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Blood Clot in the Legs | Healthcare-Online

Blood Clot in the Legs 

image001Blood clot in the legs or deep vein thrombosis is a serious condition where a thrombus or blood clot is formed in the deep veins of the body. Calf muscles are the common predilection site for the blood clot formation, which could lead to a more serious and even fatal complication of pulmonary embolism, if left untreated. With knowing blood clot in leg symptoms, there are some simple home remedies can help relieve and prevent such blood clot while medical treatments should be applied for severe condition.

Symptoms of Blood Clot in the Legs

There are usually no blood clot in leg symptoms and signs associated with the development of blood clot in the lower legs. However, some of the signs and symptoms of blood clot in the legs may occur in serious conditions, including:

  • Swelling of the affected leg, ankle or foot
  • Redness and warm sensation of the affected area
  • Night time leg cramps
  • Skin discoloration from pale to blue
  • Gradual worsening of pain in the affected leg, foot or ankle especially upon bending

Complications of Blood Clot in the Legs

Blood clot formation alone in deep veins of the body is usually negligible and self-limiting, which implies that they heal on its own. However, there are certain conditions where the disease progresses into a worse, if not fatal, complication.

  • Pulmonary Embolism. Pulmonary embolism secondary to deep vein thrombosis (DVT) is a life-threatening condition where the blood clot formed in the larger blood vessels travel trough the bloodstream and eventually gets lodged in the smaller veins of the lungs. Pulmonary embolism is characterized by rapid pulse rate, anxiety, nervousness, fainting, and dizziness, lightheaded sensation, coughing up of blood, dyspnea or difficulty in breathing, excessive sweating, and chest pain upon breathing or coughing.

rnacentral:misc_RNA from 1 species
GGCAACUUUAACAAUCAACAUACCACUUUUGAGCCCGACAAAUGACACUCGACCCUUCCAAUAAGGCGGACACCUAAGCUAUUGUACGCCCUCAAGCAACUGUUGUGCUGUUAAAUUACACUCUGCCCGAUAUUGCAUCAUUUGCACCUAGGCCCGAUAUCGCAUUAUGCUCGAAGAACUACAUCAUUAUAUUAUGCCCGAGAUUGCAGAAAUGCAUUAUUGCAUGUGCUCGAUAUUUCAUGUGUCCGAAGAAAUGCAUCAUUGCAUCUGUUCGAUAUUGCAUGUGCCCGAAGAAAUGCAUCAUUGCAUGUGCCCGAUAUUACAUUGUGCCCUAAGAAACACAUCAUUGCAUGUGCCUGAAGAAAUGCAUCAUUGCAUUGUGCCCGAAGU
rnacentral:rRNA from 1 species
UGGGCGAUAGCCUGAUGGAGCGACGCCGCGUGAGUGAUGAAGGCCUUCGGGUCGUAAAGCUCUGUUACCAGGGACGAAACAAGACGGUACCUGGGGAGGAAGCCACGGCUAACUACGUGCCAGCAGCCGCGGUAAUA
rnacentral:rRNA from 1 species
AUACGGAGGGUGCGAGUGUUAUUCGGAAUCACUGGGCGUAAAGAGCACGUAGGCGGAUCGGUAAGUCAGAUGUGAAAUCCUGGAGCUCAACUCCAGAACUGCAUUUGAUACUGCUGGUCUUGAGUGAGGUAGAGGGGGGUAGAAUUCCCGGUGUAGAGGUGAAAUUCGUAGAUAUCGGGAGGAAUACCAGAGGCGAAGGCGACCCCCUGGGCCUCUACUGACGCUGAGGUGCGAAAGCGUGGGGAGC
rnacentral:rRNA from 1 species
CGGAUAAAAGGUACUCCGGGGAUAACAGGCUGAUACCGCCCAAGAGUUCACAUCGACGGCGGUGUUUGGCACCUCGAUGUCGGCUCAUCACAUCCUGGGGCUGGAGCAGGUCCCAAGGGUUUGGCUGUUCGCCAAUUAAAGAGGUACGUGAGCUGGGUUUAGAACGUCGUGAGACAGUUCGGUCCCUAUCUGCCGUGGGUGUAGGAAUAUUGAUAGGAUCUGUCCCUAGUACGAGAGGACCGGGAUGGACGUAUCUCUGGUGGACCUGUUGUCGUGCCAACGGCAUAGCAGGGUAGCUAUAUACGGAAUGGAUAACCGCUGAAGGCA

• Postphlebitic Syndrome. Another common complication in relation to DVT is post-thrombotic or postphlebitic syndrome. The collective signs and symptoms such as leg pain, discoloration of the skin in the affected area, and edema or swelling of the legs are usually seen years after damage to the blood vessels has occurred following thrombus formation.

Causes of Blood Clot in the Legs

Blood clot in leg symptoms can be vary, but some common causes of blood clot in the legs can help you identify your condtions. Blood clot in the legs is caused by the inability of the blood to circulate properly. Factors leading to the development of thrombus could be due to changes in the coagulatory properties of the blood (coagulates more than usual), impediment in blood circulation or damaged blood vessels.

Risk Factors of Blood Clot in the Legs

Common risk factors associated with development of deep vein thrombosis (DVT) include but are not limited to the following primary conditions:

  • Sitting for longer period or prolonged bed rest, particularly for the elderly suffering from paralysis and/or stroke.
  • Inherited disorders of blood clotting such as increased blood clotting time.
  • Disseminated Intravascular Condition (DIC)
  • Injury to the lower muscles of the legs and fractures of the bone in the legs, hip or ankles.
  • People with diseases of the heart and heart failure as the damaged heart will not pump blood effectively.
  • Family history for DVT.

Secondary conditions that predisposes to blood clot formation in the legs as are follows:

  • Exposed to general anesthesia or have undergone surgery
  • Cancer
  • Oral contraceptives
  • Ulcerative colitis